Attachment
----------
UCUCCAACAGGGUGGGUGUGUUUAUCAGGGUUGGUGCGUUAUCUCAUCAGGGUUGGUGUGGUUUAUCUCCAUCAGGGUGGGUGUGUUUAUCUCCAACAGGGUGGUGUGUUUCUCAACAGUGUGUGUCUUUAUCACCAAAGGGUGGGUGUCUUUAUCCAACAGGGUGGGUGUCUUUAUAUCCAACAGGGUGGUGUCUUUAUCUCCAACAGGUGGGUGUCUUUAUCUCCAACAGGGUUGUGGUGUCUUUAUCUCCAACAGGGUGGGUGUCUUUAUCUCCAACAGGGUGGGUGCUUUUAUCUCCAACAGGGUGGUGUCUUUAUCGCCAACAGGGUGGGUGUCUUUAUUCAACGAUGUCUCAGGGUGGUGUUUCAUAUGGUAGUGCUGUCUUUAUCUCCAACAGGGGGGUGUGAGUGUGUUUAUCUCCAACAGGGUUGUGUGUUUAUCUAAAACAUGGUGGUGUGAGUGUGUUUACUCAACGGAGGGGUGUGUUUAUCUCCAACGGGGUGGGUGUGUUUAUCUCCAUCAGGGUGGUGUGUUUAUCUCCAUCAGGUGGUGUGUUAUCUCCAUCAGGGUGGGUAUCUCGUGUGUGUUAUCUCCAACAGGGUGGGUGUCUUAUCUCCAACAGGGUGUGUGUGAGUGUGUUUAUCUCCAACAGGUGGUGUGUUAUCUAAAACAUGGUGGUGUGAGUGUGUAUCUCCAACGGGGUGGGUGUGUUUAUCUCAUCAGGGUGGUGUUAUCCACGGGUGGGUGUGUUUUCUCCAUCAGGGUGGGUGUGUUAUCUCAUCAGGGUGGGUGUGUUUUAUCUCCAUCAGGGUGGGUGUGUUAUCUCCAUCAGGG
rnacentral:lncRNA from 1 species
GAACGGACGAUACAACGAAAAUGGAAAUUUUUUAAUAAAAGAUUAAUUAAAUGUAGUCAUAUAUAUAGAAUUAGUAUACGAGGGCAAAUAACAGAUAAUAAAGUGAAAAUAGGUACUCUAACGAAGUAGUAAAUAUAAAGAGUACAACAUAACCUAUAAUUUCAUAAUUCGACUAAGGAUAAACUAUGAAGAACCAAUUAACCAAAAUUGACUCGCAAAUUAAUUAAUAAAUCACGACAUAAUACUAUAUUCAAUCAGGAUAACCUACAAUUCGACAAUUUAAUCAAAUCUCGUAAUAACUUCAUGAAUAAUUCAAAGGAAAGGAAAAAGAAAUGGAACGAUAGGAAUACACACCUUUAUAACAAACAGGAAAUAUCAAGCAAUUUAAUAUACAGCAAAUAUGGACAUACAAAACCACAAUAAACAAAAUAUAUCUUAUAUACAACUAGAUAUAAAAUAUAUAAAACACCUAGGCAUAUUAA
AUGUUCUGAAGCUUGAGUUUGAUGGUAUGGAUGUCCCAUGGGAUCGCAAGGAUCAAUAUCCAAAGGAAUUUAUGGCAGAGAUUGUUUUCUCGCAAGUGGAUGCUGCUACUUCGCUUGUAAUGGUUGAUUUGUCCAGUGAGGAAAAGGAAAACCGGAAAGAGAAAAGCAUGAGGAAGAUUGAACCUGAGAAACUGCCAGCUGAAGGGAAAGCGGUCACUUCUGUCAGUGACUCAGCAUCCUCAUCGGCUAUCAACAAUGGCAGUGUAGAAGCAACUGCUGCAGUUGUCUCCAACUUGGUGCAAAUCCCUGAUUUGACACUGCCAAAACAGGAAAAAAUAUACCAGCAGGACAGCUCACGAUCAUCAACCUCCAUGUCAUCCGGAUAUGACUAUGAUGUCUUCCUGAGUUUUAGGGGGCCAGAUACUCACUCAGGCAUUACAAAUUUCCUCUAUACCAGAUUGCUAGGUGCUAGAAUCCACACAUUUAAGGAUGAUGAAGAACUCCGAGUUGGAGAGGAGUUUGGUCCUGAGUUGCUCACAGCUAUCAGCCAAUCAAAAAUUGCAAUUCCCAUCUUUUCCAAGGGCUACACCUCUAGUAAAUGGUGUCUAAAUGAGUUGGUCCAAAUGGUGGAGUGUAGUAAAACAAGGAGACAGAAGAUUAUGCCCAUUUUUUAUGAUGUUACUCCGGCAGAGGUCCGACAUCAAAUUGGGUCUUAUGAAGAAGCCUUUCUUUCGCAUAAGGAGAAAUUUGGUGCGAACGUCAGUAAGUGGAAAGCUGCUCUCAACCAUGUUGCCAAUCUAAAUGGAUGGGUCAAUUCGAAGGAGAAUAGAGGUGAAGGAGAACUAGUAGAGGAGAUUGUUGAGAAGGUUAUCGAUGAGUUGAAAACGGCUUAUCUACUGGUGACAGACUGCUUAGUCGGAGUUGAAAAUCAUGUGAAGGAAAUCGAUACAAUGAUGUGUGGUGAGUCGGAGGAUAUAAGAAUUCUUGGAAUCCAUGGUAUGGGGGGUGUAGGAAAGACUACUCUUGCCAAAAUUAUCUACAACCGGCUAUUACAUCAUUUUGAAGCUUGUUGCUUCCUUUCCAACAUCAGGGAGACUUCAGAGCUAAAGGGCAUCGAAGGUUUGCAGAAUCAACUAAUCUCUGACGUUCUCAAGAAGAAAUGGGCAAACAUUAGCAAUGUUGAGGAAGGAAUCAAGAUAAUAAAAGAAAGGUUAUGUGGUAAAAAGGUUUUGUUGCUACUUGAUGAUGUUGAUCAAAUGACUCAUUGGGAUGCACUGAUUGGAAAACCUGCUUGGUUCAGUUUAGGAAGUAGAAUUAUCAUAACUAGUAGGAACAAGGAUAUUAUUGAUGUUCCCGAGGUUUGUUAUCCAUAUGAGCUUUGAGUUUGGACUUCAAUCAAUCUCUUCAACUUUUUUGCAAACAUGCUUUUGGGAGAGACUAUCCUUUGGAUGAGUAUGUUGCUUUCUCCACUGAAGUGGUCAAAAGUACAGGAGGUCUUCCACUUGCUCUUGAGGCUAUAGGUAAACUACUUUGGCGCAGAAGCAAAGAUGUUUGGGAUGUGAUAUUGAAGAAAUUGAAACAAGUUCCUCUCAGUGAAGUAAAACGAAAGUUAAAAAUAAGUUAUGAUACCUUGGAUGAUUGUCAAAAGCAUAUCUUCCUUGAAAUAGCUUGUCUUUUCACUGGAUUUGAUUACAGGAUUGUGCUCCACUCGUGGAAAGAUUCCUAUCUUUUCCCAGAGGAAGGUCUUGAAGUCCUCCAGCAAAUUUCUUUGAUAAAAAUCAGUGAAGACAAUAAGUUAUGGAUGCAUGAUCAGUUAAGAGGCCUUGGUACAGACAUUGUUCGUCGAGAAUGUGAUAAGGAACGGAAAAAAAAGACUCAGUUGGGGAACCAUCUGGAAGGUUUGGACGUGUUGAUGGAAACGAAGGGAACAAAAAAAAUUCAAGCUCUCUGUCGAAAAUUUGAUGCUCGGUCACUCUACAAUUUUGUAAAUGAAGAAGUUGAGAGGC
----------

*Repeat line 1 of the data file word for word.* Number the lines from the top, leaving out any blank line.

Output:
UCUCCAACAGGGUGGGUGUGUUUAUCAGGGUUGGUGCGUUAUCUCAUCAGGGUUGGUGUGGUUUAUCUCCAUCAGGGUGGGUGUGUUUAUCUCCAACAGGGUGGUGUGUUUCUCAACAGUGUGUGUCUUUAUCACCAAAGGGUGGGUGUCUUUAUCCAACAGGGUGGGUGUCUUUAUAUCCAACAGGGUGGUGUCUUUAUCUCCAACAGGUGGGUGUCUUUAUCUCCAACAGGGUUGUGGUGUCUUUAUCUCCAACAGGGUGGGUGUCUUUAUCUCCAACAGGGUGGGUGCUUUUAUCUCCAACAGGGUGGUGUCUUUAUCGCCAACAGGGUGGGUGUCUUUAUUCAACGAUGUCUCAGGGUGGUGUUUCAUAUGGUAGUGCUGUCUUUAUCUCCAACAGGGGGGUGUGAGUGUGUUUAUCUCCAACAGGGUUGUGUGUUUAUCUAAAACAUGGUGGUGUGAGUGUGUUUACUCAACGGAGGGGUGUGUUUAUCUCCAACGGGGUGGGUGUGUUUAUCUCCAUCAGGGUGGUGUGUUUAUCUCCAUCAGGUGGUGUGUUAUCUCCAUCAGGGUGGGUAUCUCGUGUGUGUUAUCUCCAACAGGGUGGGUGUCUUAUCUCCAACAGGGUGUGUGUGAGUGUGUUUAUCUCCAACAGGUGGUGUGUUAUCUAAAACAUGGUGGUGUGAGUGUGUAUCUCCAACGGGGUGGGUGUGUUUAUCUCAUCAGGGUGGUGUUAUCCACGGGUGGGUGUGUUUUCUCCAUCAGGGUGGGUGUGUUAUCUCAUCAGGGUGGGUGUGUUUUAUCUCCAUCAGGGUGGGUGUGUUAUCUCCAUCAGGG